Lavrids Ludvig Gundelak Nyegaard (1846-1916)

Grundtvigian clergyman, MA theology 1872, folk high school teacher in Marielyst and Ryslinge 1872-73, reverend in Ådum 1878-84 and in Ølsted 1884-98 in Jutland, and in Gimlinge on Sealand 1898-1908.

Lavrids Nyegaard was the son-in-law, and from 1874 to 1878 the assistant, of the conservative and orthodox Grundtvigian pastor of the free congregation in Ryslinge, Vilhelm Birkedal. Throughout his career as a prolific debater in the Grundtvigian press Nyegaard eagerly defended this position against liberal neo-Grundtvigians. In 1889, however, he wrote a relatively sympathetic assessment of Darwinism in the orthodox Askov journal Danskeren [The Dane] four months after the physicist Poul la Cour had dismissed evolution in its columns. Nyegaard distinguished between scientific and philosophical Darwinism and referred to Thomas Henry Huxley’s agnosticism in order to distance British evolutionism from the philosophical materialism and infidel naturalism prevalent in Germany. He quoted Huxley for stating that the theory of evolution was neither theistic nor atheistic and concluded that Judeo-Christian theism would just as easily survive reconciliation with real Darwinism as it had survived the reconciliation with the Copernican worldview. Nyegaard emphasised that the concept of evolution did not conflict with the mosaic history of creation. He thus argued apologetically that Genesis 1:11 and 1:24 implied that creation occurred gradually and not through six literal days. Nyegaard’s pro-evolutionary stance was exceptional among orthodox Grundtvigians who generally dismissed at least natural selection and human evolution well into the twentieth century.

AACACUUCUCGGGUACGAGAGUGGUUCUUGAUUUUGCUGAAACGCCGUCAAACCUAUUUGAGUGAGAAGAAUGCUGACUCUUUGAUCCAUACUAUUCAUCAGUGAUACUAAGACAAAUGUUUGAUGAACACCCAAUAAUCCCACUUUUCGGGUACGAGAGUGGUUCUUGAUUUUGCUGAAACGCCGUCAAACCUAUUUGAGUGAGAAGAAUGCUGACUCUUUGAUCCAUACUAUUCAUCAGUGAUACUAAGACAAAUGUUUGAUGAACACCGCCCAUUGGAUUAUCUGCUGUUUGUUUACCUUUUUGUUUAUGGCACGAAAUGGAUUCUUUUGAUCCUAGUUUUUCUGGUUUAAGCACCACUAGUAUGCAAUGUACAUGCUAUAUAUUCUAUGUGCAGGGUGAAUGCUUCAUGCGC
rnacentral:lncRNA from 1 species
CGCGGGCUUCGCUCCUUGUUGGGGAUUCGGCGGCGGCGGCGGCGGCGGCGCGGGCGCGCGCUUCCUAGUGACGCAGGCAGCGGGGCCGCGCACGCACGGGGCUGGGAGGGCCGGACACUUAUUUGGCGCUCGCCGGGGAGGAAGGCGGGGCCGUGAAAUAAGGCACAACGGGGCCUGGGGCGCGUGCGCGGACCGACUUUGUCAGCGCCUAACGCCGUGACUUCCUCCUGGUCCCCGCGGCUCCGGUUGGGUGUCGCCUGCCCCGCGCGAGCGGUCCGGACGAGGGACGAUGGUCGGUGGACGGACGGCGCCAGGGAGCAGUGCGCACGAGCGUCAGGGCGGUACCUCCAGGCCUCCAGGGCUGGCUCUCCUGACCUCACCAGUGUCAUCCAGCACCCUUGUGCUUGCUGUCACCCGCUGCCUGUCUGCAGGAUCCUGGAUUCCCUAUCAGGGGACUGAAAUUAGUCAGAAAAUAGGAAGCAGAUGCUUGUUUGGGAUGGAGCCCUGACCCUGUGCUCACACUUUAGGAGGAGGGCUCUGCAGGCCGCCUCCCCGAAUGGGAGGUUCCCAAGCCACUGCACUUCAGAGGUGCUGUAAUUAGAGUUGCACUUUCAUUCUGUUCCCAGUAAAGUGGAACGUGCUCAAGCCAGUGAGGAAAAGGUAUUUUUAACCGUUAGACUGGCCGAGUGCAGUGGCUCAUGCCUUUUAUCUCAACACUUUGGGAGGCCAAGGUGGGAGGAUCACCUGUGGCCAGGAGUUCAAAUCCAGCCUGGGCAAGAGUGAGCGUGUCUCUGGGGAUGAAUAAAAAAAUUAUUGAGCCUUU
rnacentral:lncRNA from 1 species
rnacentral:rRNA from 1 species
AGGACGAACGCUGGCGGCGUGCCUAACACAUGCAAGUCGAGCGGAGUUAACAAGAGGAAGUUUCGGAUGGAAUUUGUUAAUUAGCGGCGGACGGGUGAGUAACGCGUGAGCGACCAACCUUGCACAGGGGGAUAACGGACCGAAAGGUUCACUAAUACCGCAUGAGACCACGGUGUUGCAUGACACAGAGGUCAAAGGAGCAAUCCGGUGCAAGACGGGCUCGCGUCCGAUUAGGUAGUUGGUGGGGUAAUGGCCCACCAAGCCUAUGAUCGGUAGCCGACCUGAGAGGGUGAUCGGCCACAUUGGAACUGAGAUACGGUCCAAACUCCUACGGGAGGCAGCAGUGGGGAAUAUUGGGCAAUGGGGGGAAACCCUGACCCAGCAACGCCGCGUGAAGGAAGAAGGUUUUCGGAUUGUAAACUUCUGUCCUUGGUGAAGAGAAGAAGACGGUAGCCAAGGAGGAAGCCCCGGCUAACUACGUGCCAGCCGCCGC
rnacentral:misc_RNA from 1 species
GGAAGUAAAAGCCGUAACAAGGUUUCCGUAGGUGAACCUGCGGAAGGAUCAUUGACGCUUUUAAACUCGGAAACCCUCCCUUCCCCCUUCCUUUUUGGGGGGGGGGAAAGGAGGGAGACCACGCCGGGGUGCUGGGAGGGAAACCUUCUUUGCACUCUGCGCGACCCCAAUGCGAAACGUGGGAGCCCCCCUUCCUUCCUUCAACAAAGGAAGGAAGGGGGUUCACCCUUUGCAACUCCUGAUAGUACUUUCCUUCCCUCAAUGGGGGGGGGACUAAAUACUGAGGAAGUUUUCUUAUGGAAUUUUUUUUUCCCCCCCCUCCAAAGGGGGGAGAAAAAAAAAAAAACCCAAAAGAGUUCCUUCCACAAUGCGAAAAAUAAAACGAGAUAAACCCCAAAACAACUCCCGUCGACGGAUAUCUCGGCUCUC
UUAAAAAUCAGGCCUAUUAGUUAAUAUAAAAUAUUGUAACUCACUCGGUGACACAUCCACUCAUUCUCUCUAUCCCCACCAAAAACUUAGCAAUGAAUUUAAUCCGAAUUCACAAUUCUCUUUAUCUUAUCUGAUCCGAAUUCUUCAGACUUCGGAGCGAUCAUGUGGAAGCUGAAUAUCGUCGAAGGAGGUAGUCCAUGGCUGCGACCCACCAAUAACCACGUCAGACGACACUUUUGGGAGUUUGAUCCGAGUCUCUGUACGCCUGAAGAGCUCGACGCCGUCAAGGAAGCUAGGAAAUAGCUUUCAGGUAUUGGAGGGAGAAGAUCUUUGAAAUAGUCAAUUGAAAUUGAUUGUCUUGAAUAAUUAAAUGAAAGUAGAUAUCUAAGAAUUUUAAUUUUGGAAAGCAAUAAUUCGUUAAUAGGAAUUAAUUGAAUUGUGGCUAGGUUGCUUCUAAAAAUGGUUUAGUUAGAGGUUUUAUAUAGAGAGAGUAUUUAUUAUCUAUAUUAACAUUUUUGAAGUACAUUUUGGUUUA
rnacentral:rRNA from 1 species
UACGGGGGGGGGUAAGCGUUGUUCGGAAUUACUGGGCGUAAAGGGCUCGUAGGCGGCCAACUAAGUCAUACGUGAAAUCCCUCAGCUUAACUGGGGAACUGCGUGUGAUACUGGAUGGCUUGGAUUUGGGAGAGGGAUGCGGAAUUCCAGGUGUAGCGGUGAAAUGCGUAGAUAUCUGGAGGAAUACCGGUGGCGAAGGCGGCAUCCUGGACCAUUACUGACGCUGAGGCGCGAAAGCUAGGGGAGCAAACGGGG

Hans Henrik Hjermitslev

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